The second book by Henning Mankell in the Wallander series is set in Sweden and in Riga, the capital of Latvia during the early 1990s when there was the beginning of transition of power from the Soviet occupation to the Latvians, but not total freedom. The plot begins with a raft, containing two dead bodies, washing up on a beach in Sweden. Investigations carried out by Inspection Kurt Wallander and his team suggest that the raft originally came from one of the Baltic countries to the north. A visit from Major Leipa of the Latvian police confirms the supposition but when Major Leipa returns to Latvia he is murdered. Inspector Wallander is then sent to Riga, supposedly to help with the investigation, but wherever he goes he is followed and his movements restricted. However he does manage to meet the widow of Major Leipa and agrees to try and help her not only to establish the truth about the death of her husband but also locate the report Leipa was writing about corruption in the police force.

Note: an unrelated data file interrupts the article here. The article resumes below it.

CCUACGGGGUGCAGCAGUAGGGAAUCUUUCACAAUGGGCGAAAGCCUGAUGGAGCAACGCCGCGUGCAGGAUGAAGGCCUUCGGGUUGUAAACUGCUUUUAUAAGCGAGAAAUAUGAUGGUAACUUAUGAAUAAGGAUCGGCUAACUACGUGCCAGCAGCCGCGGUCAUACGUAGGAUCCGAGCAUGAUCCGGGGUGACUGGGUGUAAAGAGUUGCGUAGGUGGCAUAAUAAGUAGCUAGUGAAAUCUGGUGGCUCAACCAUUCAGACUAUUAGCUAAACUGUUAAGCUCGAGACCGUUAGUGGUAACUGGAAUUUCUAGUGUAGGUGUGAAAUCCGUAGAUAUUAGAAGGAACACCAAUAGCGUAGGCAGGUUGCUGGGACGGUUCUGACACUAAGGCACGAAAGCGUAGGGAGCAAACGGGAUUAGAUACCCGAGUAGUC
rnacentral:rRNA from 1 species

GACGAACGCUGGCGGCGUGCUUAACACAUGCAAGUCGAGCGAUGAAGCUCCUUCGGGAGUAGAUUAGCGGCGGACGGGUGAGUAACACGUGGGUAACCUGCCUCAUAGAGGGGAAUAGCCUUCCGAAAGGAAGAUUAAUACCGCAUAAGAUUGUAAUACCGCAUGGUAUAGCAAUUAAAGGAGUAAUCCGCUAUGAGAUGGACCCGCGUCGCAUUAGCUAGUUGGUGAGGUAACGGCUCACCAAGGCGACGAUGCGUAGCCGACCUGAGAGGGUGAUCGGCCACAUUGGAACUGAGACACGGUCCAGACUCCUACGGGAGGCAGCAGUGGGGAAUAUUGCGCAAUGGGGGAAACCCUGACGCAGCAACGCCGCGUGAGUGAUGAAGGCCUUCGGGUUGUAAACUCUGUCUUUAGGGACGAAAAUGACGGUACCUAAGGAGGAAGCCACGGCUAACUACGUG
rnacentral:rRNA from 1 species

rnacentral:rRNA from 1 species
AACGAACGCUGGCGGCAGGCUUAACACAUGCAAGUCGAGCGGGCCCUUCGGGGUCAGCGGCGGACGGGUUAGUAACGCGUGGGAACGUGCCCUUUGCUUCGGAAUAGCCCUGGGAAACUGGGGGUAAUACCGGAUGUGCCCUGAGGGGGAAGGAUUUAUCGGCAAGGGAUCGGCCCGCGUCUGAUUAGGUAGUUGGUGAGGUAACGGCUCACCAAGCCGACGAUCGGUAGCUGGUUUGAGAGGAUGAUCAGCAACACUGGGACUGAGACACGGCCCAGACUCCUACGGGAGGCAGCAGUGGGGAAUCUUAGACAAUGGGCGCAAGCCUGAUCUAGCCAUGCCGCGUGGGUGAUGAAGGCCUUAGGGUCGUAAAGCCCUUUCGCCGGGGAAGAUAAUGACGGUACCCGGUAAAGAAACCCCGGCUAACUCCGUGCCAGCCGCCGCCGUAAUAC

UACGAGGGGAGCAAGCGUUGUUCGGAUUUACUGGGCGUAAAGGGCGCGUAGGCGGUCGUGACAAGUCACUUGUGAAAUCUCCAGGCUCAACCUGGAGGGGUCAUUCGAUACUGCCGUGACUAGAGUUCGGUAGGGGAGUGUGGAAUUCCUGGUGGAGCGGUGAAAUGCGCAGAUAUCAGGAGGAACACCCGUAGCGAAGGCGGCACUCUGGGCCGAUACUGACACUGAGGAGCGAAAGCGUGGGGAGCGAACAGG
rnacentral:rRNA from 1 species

Mankell uses the novel to write about the political situation in the Baltic states at this time, the fear that existed as citizens struggled for the independence of their country and the general mistrust through not knowing who was friend and who was foe. When Wallander return to Riga under cover he and the people he is trying to help are in constant danger until they discover who the enemy really is. In many ways it is a dark story as Wallander also has to examine what he wants in his own life.